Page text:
Apple CEO Tim Cook Touts Benefits of Globalization in China Speech

Apple CEO Tim Cook gave a talk on Saturday to attendees of the China Development Forum 2017, where he offered commentary on a range of issues including globalization, economics, and data privacy.

The annual forum is a high-profile conference in which senior Chinese government officials, global corporation leaders, institutions, and scholars gather to discuss major issues including Chinese economic reform and the country's relationship with the wider world. Other tech CEOs at this year's event included IBM's Ginni Rometty and Siemens' Joe Kaeser.

Image: VCG/VCG via Getty Images

According to The Wall Street Journal, Cook chose to focus on the perceived merits of globalization during his speech, calling its impact on the world "great" in general, while noting the currently uneven distribution of its economic and cultural gains. Despite shortcomings – and amid calls from the Trump administration to direct investment inwardly – Cook encouraged China and other countries to bet on a future of more balanced development by opening themselves further to foreign investment.

"I think the worst thing would be to — because it didn't help everyone — is to say it's bad and do less of that," said Cook. "I think the reality is you can see that countries in the world... that isolate themselves, it's not good for their people."

In general, Cook's comments largely avoided sensitive Chinese political issues. On the subject of data privacy and cybersecurity, for example, Cook reiterated previous statements made about the importance of encryption to protect user information from state hackers and other bad actors. "We think that an individual should own their data and should be able to control their data," said Cook, while avoiding any explicit criticism of Chinese cybersecurity policy, which in its current form only serves to tighten state control over information flows and technology equipment within the country.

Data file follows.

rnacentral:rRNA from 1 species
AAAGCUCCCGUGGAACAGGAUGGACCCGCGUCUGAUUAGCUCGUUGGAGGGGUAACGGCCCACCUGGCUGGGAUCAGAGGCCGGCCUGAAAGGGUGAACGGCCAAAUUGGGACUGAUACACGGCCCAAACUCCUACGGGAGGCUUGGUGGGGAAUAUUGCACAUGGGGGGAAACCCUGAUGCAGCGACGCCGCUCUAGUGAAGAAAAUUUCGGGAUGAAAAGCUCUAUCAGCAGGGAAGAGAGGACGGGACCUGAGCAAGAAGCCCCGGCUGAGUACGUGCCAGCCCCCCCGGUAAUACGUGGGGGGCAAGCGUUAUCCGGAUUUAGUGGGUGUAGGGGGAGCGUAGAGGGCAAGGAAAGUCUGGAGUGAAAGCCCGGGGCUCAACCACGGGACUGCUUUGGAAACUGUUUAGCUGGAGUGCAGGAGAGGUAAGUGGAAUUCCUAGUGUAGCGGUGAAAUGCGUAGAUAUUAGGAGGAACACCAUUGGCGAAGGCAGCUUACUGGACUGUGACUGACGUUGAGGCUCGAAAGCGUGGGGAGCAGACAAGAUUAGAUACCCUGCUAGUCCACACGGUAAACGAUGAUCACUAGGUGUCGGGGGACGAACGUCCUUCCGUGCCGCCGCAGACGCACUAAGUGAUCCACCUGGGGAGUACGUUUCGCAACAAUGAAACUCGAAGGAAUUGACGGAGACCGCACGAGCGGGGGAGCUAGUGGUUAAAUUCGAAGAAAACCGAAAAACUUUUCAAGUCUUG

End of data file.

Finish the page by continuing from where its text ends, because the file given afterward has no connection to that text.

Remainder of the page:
In contrast to outspoken political stands taken at home – such as last year's very public encryption battle with the FBI – the tone of Cook's comments reflected Apple's historically mindful approach to Sino relations, with the company having previously fallen foul of China's restrictive internet policies. Given Apple's ongoing efforts to crack China's booming smartphone market, combined with heavy investment in research and development facilities in the country, Cook's cautiousness aligns with Apple's strategy of sidestepping issues that could significantly damage future negotiations.

As part of his China trip, Tim Cook is also scheduled to speak with Xu Lin, director of the Cyberspace Administration of China, in a private meeting on Monday.

Note: Due to the political nature of the discussion regarding this topic, the discussion thread is located in our Politics, Religion, Social Issues forum. All forum members and site visitors are welcome to read and follow the thread, but posting is limited to forum members with at least 100 posts.

Top Rated Comments

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40 months ago